PREDICTION COLUMN: And hold your laughter until the end

(Prediction Column)

By Hal McCoy

Baseball season officially began last week when the Los Angeles Dodgers and San Diego Padres played a two-game series in Korea.

They split the series so it can be safely predicted that both the Dodgers and Padres will at least lose one game and win one game.

The rest of the MLB world begins play Thursday and predicting how the long, long season will play out is like the Ringo Starr song, “You know it don’t come easy.”

Predictions are precarious. There are injuries, there are trades, there are slumps, there are unexpected rising stars. Lining them up in expected order of fiinish is Pyrite, the high-falutin’ name for fool’s gold.

And only fool’s try to do it. So here is this fool’s yearly attempt to play Guess How They’ll Finish.

Because the Cincinnati Reds are a mere 50 miles down I-75 and so many fans in the readership area live and cry with the Reds, the predictions start with the National League Central.

With the way Reds played at the end of last season and the way so many young players played the part of rising stars — Matt McLain, Elly De La Cruz, Christian Encarnacion-Strand, Spencer Steer, Hunter Greene, Andrew Abbott and others — expectations are higher than the light standards in Great American Ball Park.

Injuries, though, already have hit McLain, T.J. Friedl and others, plus the 80-game suspension of highly-touted Noelvi Marte due to PED usage.

Those are example why the prediction racket is difficult. It happens to every team. Spring training barely commenced before the New York Yankees lost Gerrit Cole and Aaron Judge. Injuries strike like summer heat lightning.

Nevertheless, a deep-dive into a cloudy crystal ball reveals some feathers, indicating the St. Louis Cardinals are going from last to first in the NL Central.

The Birds have improved their pitching and winning usually begins and ends with pitching. They’ve added three starting pitchers, former Reds right-hander Sonny Gray, Lance Lynn and Kyle Gibson.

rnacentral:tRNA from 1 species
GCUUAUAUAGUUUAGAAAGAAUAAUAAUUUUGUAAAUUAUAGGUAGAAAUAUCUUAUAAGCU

And they still have first baseman Paul Goldschmidt and Nolan Arenado, the best all-around third baseman in baseball.

The Chicago Cubs finished second to the Milwaukee Brewers last year, one game ahead of the Reds. This time they’ll finish second to St. Louis, again ahead of the third place Reds.

Even though they lost pitcher Marcus Stroman, they have 16-game winner Justin Steele and they wisely re-signed free agent Cody Bellinger, coming off a career year to show the way offensively and to be a steady hand among mostly young, talented players.

And they lured Craig Counsell, one of baseball’s more cerebral and likeble managers away from Milwaukee.

The Reds, the youngest and potentially the most exciting team, are just that. Young and potential.

While the front office addressed and overdressed the infield, it failed to obtain much-needed outfield help and pitcher Frankie Montas is not the veteran help the pitching staff could use.

But De La Cruz alone should be worth at least half the price of an expensive MLB ticket.

The Brewers lost pitcher Corbin Burnes and Counsell and did little in the off-season to defend their division championship. Pittsburgh? The Pirates continue their 25-year rebuilding plan.